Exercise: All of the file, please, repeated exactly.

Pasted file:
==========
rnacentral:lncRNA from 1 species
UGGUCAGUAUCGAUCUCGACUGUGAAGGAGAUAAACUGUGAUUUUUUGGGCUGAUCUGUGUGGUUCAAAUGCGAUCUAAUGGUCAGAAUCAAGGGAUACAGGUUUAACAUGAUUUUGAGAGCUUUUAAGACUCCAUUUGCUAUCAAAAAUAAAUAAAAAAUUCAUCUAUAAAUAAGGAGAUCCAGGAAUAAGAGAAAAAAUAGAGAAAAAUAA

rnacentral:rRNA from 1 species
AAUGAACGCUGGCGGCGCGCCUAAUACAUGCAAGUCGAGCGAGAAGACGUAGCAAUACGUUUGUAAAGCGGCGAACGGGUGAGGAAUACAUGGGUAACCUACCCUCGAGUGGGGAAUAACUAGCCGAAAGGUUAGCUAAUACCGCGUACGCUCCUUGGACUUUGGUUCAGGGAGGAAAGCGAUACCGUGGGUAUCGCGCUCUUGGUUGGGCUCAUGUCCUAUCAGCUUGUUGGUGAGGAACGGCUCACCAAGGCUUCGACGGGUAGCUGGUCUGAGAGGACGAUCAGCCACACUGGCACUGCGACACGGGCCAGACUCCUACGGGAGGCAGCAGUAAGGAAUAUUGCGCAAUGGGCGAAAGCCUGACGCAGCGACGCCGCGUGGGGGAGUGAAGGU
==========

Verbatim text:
rnacentral:lncRNA from 1 species
UGGUCAGUAUCGAUCUCGACUGUGAAGGAGAUAAACUGUGAUUUUUUGGGCUGAUCUGUGUGGUUCAAAUGCGAUCUAAUGGUCAGAAUCAAGGGAUACAGGUUUAACAUGAUUUUGAGAGCUUUUAAGACUCCAUUUGCUAUCAAAAAUAAAUAAAAAAUUCAUCUAUAAAUAAGGAGAUCCAGGAAUAAGAGAAAAAAUAGAGAAAAAUAA

rnacentral:rRNA from 1 species
AAUGAACGCUGGCGGCGCGCCUAAUACAUGCAAGUCGAGCGAGAAGACGUAGCAAUACGUUUGUAAAGCGGCGAACGGGUGAGGAAUACAUGGGUAACCUACCCUCGAGUGGGGAAUAACUAGCCGAAAGGUUAGCUAAUACCGCGUACGCUCCUUGGACUUUGGUUCAGGGAGGAAAGCGAUACCGUGGGUAUCGCGCUCUUGGUUGGGCUCAUGUCCUAUCAGCUUGUUGGUGAGGAACGGCUCACCAAGGCUUCGACGGGUAGCUGGUCUGAGAGGACGAUCAGCCACACUGGCACUGCGACACGGGCCAGACUCCUACGGGAGGCAGCAGUAAGGAAUAUUGCGCAAUGGGCGAAAGCCUGACGCAGCGACGCCGCGUGGGGGAGUGAAGGU